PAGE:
The German Minister of Finance has been resistant to the passage of 100% electric in 2035 within the European Union. The person concerned will even seek to oppose it during the final phase of adoption at the European Council.
The thermal ban in 2035 in the European Union is a bad choice“. The position of Christian Lindner, German Finance Minister and chairman of the Liberal Democratic Party, is relatively clear. For him, “Germany will not agree to ban combustion engines» at the said deadline.
As a reminder, the European Parliament recently voted for the end of new thermal vehicles from 2035, in order to reduce the CO2 emissions emitted by new cars by 100%. However, some politicians are unfavorable to this historic decision, which is nevertheless necessary for the planet.
Christian Lindner will therefore seek to turn the situation around, despite a margin of maneuver that could be considered low. First, the interested party obviously does not have the same ecological positions as the rest of the German government: Mr. Lindner, for example, wanted the life of three nuclear power stations to be extended.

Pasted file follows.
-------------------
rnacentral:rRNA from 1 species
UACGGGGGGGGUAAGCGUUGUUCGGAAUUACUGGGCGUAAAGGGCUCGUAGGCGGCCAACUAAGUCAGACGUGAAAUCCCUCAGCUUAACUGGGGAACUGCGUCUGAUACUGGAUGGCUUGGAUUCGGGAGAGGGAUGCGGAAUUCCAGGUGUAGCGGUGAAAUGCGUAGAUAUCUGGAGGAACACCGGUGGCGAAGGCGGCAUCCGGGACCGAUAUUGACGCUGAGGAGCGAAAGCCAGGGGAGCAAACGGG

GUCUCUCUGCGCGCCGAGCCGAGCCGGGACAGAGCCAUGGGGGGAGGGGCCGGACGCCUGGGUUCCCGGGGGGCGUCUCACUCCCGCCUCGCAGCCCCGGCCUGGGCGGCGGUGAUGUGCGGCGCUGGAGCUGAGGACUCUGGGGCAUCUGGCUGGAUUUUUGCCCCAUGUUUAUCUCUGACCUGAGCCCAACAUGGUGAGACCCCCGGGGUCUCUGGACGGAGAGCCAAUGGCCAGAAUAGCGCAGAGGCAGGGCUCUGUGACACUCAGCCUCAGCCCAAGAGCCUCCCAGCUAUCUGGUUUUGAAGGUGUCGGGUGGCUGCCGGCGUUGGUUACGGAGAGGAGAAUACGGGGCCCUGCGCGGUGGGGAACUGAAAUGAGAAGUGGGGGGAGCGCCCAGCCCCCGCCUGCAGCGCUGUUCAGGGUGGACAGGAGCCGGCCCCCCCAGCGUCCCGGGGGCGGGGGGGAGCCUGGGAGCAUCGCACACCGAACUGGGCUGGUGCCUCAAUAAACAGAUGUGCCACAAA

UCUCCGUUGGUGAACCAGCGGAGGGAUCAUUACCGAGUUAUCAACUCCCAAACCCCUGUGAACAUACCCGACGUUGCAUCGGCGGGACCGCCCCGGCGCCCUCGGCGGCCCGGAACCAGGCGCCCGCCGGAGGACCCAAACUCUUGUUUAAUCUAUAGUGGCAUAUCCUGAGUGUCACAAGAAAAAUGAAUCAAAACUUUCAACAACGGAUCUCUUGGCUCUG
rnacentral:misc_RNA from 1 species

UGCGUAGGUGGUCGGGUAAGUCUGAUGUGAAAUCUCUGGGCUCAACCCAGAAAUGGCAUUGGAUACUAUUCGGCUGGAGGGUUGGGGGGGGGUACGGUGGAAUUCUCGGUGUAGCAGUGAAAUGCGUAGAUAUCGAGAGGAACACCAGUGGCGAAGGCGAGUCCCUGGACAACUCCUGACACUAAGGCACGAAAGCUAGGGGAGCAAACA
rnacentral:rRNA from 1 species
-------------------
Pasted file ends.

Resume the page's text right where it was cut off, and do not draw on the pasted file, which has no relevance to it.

Opposite, the government across the Rhine has clearly rejected this proposal to better focus on coal-fired power plants. Also, the executive has shown itself to be clearly in favor of stopping thermal power in 2035, as we are reminded by theFinancial Times.
According to the words of Steffi Lemke, spokesperson for the Ministry of the Environment, the German government fully supports the transition to 100% electric according to the timetable proposed by the European authorities. In short, Christian Lindner seems to be somewhat isolated when it comes to his ecological positions.
As Reuters points out, a final phase of discussion will soon take place with all the members of the European Union. This is the European Council, which will act by qualified majority – and not by unanimity – the new text. Each nation is represented by its head of state or government, namely Chancellor Olaf Scholz for Germany.
Olaf Scholz is on the side of the Social Democratic Party, a political side not always in line with the Liberal Democratic Party… precisely represented by Christian Lindner. The latter can always try to influence other countries of the Council or embark on a campaign of negotiations with lobbyists, to achieve his ends or make binding changes. One thinks in particular of the Ferrari amendment, carried in majority by Italian lobbyists.
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